Mason NEEDS this, Pistons, after all you've put him through
2007 College Football Blogger Awards Presentation: Best Post - Analysis
The voting is finished and it's time to present this year's College Football Blogger Awards. Where possible, last year's winner, ineligible to win this year, will be presenting the award to this year's winner. Please check in at Rocky Top Talk and EDSBS for a schedule of all the awards to be presented over the next two days.
The next award presentation - for "Best Community" - will be noonish at Burnt Orange Nation
AWARD PRESENTATION: "BEST POST OF THE YEAR: Analysis"
This could have been any of a half-dozen different SMQB posts tackling anything from statistics to the origin of the term "single wing"; I'm probably not spoiling much to tell you that SMQB won the blog version of this award in an epic landslide. As it is, there is another in this category...
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Hey, this is kind of the reason we made jury awards for certain categories. Smart Football is low traffic, posts every month or two, and exists only in the feed readers of wonky football obsessives who would like things explained to them very slowly by trained professionals in an effort to become one with their dork. Smart Football does this with aplomb, and though its posting rate and overall traffic made us pretty sure it wasn't going to win Best Analysis -- these things are usually go with what you know -- each post is a little jewel of clarity.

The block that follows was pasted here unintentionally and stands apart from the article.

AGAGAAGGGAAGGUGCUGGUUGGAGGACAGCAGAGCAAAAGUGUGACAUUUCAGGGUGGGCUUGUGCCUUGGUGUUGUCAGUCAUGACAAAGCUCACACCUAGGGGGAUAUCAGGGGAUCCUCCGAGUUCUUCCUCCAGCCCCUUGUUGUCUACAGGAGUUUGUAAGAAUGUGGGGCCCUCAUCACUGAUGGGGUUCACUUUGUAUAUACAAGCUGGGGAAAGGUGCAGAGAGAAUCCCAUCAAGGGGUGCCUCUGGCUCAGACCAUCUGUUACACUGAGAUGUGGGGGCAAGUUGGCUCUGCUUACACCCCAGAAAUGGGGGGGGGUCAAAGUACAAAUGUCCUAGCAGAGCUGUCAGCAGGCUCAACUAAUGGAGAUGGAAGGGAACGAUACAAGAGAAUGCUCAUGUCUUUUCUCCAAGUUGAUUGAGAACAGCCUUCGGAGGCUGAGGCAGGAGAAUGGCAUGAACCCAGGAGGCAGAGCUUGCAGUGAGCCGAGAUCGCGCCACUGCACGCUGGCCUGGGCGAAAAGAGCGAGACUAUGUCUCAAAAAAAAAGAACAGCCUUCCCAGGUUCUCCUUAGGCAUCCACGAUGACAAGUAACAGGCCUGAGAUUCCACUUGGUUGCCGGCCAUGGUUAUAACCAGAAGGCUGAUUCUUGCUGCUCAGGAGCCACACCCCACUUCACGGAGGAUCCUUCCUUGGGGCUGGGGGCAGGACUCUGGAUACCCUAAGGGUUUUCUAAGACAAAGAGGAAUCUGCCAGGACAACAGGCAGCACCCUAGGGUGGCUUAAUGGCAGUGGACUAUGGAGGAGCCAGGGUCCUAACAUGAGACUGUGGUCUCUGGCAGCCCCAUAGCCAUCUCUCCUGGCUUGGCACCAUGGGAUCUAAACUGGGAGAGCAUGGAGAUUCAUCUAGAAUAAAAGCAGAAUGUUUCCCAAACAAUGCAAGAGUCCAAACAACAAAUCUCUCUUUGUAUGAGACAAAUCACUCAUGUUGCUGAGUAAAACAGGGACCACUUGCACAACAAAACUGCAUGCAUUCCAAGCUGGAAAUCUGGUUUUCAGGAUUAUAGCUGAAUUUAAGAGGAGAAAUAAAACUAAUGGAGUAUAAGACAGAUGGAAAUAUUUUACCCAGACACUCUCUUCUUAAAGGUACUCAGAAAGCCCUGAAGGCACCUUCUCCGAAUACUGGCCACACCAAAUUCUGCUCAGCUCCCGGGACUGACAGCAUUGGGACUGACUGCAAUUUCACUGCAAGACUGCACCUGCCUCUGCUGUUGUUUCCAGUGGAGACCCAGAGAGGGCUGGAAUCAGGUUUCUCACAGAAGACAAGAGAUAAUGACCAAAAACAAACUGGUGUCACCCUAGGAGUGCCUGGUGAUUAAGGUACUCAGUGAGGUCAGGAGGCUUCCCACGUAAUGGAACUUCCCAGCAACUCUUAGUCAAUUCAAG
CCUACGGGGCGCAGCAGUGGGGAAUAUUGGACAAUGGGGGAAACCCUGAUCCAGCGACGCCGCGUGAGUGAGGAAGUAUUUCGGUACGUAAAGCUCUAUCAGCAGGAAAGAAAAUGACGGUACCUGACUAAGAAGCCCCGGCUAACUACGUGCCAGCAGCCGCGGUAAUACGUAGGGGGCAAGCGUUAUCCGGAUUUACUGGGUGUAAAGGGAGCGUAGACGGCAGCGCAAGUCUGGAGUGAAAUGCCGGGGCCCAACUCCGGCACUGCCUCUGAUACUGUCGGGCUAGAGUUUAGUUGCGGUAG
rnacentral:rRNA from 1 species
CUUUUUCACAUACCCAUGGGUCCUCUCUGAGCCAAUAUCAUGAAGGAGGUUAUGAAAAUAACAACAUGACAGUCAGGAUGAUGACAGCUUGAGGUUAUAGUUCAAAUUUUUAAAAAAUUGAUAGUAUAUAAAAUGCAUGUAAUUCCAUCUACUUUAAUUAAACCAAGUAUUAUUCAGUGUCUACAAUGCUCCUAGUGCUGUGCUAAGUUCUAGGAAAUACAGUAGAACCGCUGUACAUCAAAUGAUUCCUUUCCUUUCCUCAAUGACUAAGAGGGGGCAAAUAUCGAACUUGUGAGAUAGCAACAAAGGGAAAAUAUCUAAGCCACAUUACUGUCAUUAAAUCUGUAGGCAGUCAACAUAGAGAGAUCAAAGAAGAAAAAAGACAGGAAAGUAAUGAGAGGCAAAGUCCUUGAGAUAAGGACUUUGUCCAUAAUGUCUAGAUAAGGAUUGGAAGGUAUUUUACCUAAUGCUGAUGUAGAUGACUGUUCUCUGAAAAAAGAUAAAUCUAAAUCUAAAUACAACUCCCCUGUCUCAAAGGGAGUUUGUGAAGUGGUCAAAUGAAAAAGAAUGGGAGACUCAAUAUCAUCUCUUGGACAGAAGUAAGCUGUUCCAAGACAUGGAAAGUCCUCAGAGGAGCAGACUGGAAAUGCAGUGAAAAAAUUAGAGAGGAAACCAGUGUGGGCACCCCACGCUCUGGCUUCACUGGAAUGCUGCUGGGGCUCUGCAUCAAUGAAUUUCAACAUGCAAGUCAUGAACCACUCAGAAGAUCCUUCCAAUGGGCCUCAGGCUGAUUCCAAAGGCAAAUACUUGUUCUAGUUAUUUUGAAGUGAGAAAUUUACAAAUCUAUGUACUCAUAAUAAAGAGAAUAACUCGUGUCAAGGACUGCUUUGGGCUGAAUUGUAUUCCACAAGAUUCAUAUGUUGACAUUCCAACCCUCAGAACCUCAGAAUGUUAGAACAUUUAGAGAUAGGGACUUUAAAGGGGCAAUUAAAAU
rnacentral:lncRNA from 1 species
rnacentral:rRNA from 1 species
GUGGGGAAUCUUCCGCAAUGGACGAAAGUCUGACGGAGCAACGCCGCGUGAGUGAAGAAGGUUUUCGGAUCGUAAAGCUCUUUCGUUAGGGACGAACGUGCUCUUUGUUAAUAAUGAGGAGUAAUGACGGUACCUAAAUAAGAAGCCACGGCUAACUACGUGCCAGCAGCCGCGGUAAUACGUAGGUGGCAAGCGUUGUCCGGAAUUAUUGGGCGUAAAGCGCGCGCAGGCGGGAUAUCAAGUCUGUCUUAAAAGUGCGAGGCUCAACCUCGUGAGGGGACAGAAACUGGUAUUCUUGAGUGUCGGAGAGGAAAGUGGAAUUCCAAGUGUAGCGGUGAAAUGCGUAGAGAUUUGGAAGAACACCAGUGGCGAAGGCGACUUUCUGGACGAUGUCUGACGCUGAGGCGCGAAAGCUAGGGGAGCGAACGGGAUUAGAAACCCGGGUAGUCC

I refer here to the "Smash concept" or the "Smash route." Both refer to a two-man combination with the outside receiver on a 6 yard hitch and the inside receiver on a 12 yard corner route. Some coaches and teams go further and actually refer to either the corner route or the hitch route as a "smash" route. Again, "smash" to me is the combination - i.e. the concept - rather than any individual route.
In any event, the quarterback has a progression read: (1) corner, (2) hitch underneath. In his progression read he will "key" the cornerback: If the cornerback sinks back to stop the corner route, throw the hitch; if he comes up for the hitch, throw the corner. The best way to describe this to a QB is that you have a progression read and you "read" your receivers. You simply "progress" from one to two. In doing this though you have to understand what guys you are "keying," as their reactions should determine your progression. A Quarterback must understand defenses and defender reactions, but at the same time there is no telling where those 11 guys on defense will go, and as long as he knows where his receivers are and if the QB and the receivers are all on the same page we can run a successful play. We tell him his general rule is to throw the corner route until they take it away (though by gameplan or defense you can tell him to always throw the hitch until they come up for it).
This is the basic explanation; things get more big-play oriented and complicated as they progress, but Smart Football never wanders off into seriously incomprehensible jargon. By the end you feel like you have a handle on an important facet of beating zone coverage, down to the slight adjustments in each receiver's route, and at no point are you overwhelmed. Clearly explaining a difficult, obscure concept is a terribly hard thing to do, so we give out awards for it. Here is an award.